(Words shamelessly borrowed from Grace Vanderwaal.)

My mother and grandmother in 1962 with sanded stitches.

Some rips went through to the other side.

Another copy at the edge.

For the love of linen thread.

Monday, September 19, 2016

flowers

There aren't many flowers this time of year in the northern hemisphere. Or rather, they are hidden and catch one by surprise. Tired tomato plants laden with the last of the fruit. Tired echinacea withered and brown. And I'm just here putting things together on whimsy. Then the left hand writes the synonyms.

Still in love with linen thread.

Sewing before words.

Made/Maid of Flowers.
Get what I did there?

Saturday, September 17, 2016

ruined

We went for a boat ride down the Hudson River to Pollepel Island to where Bannerman's Castle still stands. After walking in certain designated areas, we waited for solar lights to shine in Melissa McGill's Constellation installation.

And I want to tell you it was beautiful, because it was.

However, Pollepel Island was once a place where people would steal away to. It now feels like that's been stolen. A feeling that couldn't be shaken.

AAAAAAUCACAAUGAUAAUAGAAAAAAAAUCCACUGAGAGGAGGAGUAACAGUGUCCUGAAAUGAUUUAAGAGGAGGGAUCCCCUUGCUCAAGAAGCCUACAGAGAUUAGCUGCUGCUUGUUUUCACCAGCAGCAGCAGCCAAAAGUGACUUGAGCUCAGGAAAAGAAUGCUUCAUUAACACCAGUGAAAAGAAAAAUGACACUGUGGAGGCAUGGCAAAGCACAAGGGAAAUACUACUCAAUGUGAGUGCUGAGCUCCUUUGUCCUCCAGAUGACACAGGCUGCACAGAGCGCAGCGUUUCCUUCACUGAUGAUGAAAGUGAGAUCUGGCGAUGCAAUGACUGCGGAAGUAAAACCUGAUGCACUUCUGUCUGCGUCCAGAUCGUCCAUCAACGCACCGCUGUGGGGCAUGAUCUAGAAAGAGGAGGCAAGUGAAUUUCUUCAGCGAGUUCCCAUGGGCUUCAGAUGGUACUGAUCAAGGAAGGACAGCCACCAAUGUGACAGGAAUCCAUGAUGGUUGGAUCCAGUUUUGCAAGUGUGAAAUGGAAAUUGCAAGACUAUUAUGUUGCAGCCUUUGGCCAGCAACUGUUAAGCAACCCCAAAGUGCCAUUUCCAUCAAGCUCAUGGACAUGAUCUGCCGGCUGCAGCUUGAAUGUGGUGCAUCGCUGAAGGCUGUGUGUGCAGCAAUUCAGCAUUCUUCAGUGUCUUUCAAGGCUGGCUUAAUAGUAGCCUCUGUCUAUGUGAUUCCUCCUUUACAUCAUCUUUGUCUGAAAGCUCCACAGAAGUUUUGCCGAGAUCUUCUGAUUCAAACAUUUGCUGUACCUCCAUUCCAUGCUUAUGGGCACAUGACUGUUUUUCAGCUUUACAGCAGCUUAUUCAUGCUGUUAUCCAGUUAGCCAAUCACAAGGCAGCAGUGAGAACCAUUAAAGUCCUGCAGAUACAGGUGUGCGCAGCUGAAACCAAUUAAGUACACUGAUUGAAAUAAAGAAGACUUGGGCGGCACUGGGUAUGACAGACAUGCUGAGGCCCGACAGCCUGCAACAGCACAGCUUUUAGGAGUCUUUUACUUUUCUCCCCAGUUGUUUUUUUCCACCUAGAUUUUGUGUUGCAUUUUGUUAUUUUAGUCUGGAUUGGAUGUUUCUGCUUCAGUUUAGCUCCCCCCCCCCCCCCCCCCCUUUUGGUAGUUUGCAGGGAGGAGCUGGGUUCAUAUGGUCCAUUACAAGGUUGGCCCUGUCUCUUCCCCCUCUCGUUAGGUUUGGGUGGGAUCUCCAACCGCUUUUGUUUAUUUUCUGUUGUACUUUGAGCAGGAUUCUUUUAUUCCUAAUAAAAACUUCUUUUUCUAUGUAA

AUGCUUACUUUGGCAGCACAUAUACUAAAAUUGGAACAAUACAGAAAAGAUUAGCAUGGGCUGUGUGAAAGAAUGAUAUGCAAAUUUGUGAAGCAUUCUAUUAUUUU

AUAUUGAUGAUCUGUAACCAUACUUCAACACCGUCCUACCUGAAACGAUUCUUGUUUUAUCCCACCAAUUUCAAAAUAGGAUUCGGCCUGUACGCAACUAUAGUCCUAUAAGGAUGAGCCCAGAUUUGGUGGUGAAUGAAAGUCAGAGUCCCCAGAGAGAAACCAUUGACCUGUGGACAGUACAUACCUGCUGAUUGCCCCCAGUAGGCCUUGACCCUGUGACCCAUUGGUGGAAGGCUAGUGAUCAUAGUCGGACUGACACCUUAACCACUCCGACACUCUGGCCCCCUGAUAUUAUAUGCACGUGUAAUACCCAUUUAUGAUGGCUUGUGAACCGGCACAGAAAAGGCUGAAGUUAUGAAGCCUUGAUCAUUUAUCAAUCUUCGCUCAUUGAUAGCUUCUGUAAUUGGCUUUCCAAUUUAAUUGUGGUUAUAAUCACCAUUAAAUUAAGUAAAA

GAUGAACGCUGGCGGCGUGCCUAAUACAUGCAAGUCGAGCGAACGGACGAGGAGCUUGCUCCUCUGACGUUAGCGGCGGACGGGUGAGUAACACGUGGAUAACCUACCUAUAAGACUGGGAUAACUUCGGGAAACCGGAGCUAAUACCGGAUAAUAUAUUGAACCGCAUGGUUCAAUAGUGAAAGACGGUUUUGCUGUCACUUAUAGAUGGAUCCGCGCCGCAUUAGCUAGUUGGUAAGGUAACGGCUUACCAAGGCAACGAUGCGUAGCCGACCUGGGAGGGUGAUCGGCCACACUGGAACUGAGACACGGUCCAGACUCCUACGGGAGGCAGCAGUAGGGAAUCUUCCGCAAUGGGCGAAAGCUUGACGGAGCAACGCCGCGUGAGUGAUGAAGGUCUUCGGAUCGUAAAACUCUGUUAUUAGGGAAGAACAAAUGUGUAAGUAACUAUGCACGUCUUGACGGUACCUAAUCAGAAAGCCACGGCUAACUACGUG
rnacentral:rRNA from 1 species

But, hey, go see it anyway. Because it was beautiful.

Ruined.

Friday, September 16, 2016

momentum

Which is the opposite of this.

A long time ago, in Photography 101, I did some old fashioned photography developing that involved creating contact sheets. Negatives laid directly on photosensitive paper under glass and exposed to light resulted in tiny photos. From these, one would hunch over with a loop to find the best photos out of the bunch for further, larger developing. Digital has done away with all that. It's cute my printer functions include creating a "contact" sheet, but I can usually see everything long before I choose to print it. The other function on my printer I like to employ is the wallet-sized photo option which makes it look like a contact sheet only larger. And that was my fun for today.

Turn the page. Start another. And that's the momentum. I'm on this crazy course of continuation. While three bags full of fleece wait to be cleaned and carded. While knitting projects are waiting to manifest. While dishes soak. While the laundry becomes a mountain.

No arresto momentum here, by golly.

Contact.
My mother would have been 68 today. Now she's art and memories.

Middle of nowhere.
Or:
It's not my fault you're lost.

Tuesday, September 13, 2016

tangerine

Autumn Equinox isn't far off. We'll all be in the middle of it in the northern hemisphere soon enough. The raccoons are bashing the metal poultry feed cans in the early hours, crashing into our fitful slumber. Things are getting hungry, stocking up, gathering.